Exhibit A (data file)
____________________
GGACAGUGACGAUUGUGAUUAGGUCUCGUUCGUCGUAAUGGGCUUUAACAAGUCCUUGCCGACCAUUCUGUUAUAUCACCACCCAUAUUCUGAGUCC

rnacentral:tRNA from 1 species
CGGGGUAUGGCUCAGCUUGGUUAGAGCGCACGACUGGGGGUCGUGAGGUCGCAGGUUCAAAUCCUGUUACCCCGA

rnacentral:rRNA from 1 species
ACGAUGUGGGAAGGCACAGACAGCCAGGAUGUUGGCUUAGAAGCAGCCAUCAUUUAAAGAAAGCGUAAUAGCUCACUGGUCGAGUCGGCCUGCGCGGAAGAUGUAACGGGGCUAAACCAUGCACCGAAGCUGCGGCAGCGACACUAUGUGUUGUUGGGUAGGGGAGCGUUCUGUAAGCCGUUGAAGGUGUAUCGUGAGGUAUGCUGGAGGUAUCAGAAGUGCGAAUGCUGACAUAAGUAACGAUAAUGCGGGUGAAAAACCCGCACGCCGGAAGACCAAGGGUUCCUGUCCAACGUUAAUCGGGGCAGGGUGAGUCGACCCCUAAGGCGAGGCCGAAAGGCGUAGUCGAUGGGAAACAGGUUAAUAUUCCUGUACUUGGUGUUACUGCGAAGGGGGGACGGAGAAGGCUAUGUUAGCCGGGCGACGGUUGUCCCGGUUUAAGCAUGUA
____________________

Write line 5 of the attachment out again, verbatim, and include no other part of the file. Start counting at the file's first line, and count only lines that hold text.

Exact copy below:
ACGAUGUGGGAAGGCACAGACAGCCAGGAUGUUGGCUUAGAAGCAGCCAUCAUUUAAAGAAAGCGUAAUAGCUCACUGGUCGAGUCGGCCUGCGCGGAAGAUGUAACGGGGCUAAACCAUGCACCGAAGCUGCGGCAGCGACACUAUGUGUUGUUGGGUAGGGGAGCGUUCUGUAAGCCGUUGAAGGUGUAUCGUGAGGUAUGCUGGAGGUAUCAGAAGUGCGAAUGCUGACAUAAGUAACGAUAAUGCGGGUGAAAAACCCGCACGCCGGAAGACCAAGGGUUCCUGUCCAACGUUAAUCGGGGCAGGGUGAGUCGACCCCUAAGGCGAGGCCGAAAGGCGUAGUCGAUGGGAAACAGGUUAAUAUUCCUGUACUUGGUGUUACUGCGAAGGGGGGACGGAGAAGGCUAUGUUAGCCGGGCGACGGUUGUCCCGGUUUAAGCAUGUA